Steve Bray discusses his sound system being seized
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The 53-year-old Welshman who regularly berates MPs outside the House of Commons has become notorious post the 2016 Brexit referendum. Dubbed the “stop Brexit man” for his repeated jeers over a megaphone, for many, Mr Bray has become an unwelcome feature of Westminster in recent years.
And in an extraordinary admission, he now says his protest is even getting on his nerves.
Speaking about his regularly loudly played parody song “Bye Bye Boris”, the public nuisance told The Guardian: “I’ve played it so much it’s driving me nuts.”
“We’re about getting the message out,” he said.
“I know how much money the European Union had put into Port Talbot, one of the most deprived areas of the United Kingdom, and I was shocked at people there: that the majority voted to leave.
Criticising the Vote Leave campaign, he added: “What they promised, I knew there was no way they could deliver it.
“Port Talbot, a poor community, were being cheated out of a better life: being told they were going to get a better life when in fact they were going to be far worse off.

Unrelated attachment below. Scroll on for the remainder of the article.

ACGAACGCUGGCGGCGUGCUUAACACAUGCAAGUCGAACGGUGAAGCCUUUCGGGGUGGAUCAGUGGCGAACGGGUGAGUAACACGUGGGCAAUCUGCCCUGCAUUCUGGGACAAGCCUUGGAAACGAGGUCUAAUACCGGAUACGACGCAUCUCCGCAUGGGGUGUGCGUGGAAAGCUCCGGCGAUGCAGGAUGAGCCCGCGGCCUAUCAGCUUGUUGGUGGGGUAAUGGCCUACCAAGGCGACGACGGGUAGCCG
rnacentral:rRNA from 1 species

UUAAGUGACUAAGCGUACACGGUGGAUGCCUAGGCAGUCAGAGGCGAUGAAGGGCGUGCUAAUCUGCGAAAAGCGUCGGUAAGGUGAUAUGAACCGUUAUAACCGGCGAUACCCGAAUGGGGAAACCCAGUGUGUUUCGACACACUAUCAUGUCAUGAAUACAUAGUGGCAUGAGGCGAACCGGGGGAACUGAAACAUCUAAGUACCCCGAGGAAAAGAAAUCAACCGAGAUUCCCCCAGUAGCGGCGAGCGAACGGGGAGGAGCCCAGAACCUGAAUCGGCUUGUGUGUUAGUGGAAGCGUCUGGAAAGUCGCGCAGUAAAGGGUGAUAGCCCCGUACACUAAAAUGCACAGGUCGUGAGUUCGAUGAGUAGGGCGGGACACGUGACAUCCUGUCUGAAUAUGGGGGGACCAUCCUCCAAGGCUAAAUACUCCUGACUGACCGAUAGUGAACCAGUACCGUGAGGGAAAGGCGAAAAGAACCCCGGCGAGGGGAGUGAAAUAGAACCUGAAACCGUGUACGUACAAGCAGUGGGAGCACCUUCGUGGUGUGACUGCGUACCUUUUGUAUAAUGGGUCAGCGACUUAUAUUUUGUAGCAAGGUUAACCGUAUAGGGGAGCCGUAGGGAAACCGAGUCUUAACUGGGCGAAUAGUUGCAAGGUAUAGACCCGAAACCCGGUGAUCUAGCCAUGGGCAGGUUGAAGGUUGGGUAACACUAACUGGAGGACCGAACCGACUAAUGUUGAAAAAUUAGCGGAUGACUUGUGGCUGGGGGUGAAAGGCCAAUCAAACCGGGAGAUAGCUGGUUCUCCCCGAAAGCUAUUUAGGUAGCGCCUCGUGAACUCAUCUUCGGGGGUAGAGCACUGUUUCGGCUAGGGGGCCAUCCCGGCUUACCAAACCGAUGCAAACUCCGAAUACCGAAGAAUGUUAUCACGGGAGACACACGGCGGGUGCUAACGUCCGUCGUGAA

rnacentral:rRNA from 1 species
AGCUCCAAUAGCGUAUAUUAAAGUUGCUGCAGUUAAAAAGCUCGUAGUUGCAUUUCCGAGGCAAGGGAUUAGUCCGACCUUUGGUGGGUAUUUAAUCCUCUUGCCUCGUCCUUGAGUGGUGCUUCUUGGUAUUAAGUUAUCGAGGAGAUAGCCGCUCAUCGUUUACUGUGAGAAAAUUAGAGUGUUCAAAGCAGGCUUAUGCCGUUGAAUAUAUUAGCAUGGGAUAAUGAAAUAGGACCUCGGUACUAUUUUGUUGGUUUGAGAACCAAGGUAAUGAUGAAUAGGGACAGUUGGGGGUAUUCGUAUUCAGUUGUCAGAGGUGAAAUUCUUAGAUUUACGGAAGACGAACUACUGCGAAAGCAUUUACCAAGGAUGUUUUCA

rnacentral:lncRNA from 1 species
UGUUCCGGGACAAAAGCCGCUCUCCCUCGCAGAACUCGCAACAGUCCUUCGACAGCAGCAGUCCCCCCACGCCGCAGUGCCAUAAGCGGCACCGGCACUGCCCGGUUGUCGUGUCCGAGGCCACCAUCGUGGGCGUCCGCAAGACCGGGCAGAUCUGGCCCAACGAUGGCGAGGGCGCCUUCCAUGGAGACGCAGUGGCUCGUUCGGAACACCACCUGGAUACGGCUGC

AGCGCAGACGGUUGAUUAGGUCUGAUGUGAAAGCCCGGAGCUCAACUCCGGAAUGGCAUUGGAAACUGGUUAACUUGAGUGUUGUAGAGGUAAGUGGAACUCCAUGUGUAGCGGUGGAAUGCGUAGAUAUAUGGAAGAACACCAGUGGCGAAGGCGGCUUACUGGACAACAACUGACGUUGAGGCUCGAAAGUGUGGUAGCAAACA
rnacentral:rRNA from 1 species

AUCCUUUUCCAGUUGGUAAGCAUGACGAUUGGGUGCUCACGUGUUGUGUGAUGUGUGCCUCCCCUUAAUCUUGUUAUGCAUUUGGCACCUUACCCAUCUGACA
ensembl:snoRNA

“I’m not an economist but I knew from the get-go it was all lies.
“Here we are, and it’s actually worse than I expected.”
The loudmouth campaigner has annoyed MPs and parliamentary staffers alike.
He regularly chastises politicians as he chases them down the street, videoing as he heckles them over the UK’s record outside of the EU bloc.
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And researchers on the Westminster estate have moaned about difficulties concentrating at work.
Earlier this year, Dudley North MP Marco Longhi called for the police to finally put a stop to the endless protest.
Speaking in the House of Commons he said the noise from the protester had made “working here more bearable for our own staff, and myself and my colleagues”.
“There is a noisy man outside who dresses up as a clown, who harasses and chases members of parliament and our staff from his little camp on the crossing island on Parliament Street.
Andrew Bridgen confronted by anti-Brexit activist Steve Bray
“He’s someone else who serves no public benefit whatsoever,” he said.
“I mean this when I say that my staff cannot hear distressed constituents on the phone through the awful racket he causes.
“All of our staff who have offices in One Parliament Street are caused considerable stress by the disruption he causes their and our work.
“And I have no doubt that staff in DCMS and HMRC – buildings opposite – would say anything different.”
Earlier this month the Met police seized Mr Bray’s amplifiers in a bid to dampen the intrusion the protest caused.
He returned again the next day with a new amp.
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